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Close to Home: Why some body-cam video should not be made public

My mission as district attorney is to hold the guilty accountable, protect the innocent and preserve the dignity of victims and their families. My office is charged with seeking truth and justice in a professional manner while maintaining the highest ethical standards. In order to carry out this mission, we review approximately 20,000 criminal investigations from law enforcement agencies throughout the county each year and decide what cases to charge and how to handle those matters as they move through the courts.

Once we charge someone with a crime, we provide access to all material relied upon through the criminal discovery process so that the defendant may mount a complete defense. This includes police reports, photographs, audio and video recordings, medical records, forensic analysis reports, as well as other types of evidence. We will redact information to protect vulnerable victims, with children and sexual assault victims as examples. We will request protective orders so that the material will only be used for a limited time in the defense of the action. Our actions only impact the criminal case and are supported by existing laws.

The material legally belongs to the law enforcement agency that conducted the investigation, and much of it is obtained by the defense directly from the agency. We use the materials we receive in a court of law where rules of evidence govern admissibility to make sure it's relevant and credible. If a defendant objects to any step we take, he or she may petition the court to access the redacted material or deny the requested order.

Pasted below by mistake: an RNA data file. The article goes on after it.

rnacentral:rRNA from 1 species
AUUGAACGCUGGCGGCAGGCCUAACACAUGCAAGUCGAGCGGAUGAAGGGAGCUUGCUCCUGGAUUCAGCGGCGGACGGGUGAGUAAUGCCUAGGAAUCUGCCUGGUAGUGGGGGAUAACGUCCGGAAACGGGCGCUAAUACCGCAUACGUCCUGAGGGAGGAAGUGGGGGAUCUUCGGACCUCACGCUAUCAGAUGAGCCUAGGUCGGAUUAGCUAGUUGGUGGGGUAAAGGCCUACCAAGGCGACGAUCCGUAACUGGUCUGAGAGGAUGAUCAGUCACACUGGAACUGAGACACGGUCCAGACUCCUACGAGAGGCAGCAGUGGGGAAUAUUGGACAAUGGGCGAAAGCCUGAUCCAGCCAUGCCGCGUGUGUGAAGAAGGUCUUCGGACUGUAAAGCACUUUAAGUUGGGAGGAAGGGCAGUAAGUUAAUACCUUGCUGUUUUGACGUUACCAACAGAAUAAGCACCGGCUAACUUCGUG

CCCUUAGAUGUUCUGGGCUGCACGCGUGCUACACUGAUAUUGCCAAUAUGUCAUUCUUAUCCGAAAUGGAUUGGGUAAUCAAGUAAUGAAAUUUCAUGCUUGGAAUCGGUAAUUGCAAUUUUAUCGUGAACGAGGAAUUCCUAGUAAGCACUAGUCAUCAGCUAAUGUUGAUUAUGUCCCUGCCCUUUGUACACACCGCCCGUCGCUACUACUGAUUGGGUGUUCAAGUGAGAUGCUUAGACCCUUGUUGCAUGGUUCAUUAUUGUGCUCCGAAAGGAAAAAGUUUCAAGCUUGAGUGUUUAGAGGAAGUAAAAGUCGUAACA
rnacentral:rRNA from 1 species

Body camera video evidence is a new medium we are all grappling with. Calls for transparency and review of law enforcement procedures are appropriate, and I agree that the public has a right to know how public safety is being carried out. Whether the video evidence should be released for public scrutiny is up to the law enforcement agency that collected it, not me.

While we receive video that captures criminal activity, the cameras are also capturing much more. Imagine that a crime has occurred on your street and police are conducting a neighborhood check for witnesses. You open your door to an officer with the camera running. Your address, the interior of your residence, your kids and perhaps more are on that video. And you are not even a victim of any crime. Why should this video, provided to defense to prepare for a criminal case, be posted on YouTube?

We receive hours of video in many, if not most, of the cases we review. We do not have the resources to watch and edit each of these videos to redact privileged information. That is why we ask that defendants agree the video they receive will be used only in the criminal case. By doing so, we can provide access sooner so that they can address the charges more effectively.

Questions about police practices and access to bodycam video are not impacted by this effort to protect the innocent in the criminal proceeding. An aggrieved party, or interested member of the public, can go to the source of the video and request it through various methods. This protective order we seek is only to protect the innocent in a criminal action, not to thwart review of police practices.

I welcome any review of law enforcement procedures and practices. It ensures accountability and hopefully builds better trust between public safety agencies and the public.

Jill Ravitch is district attorney for Sonoma County.

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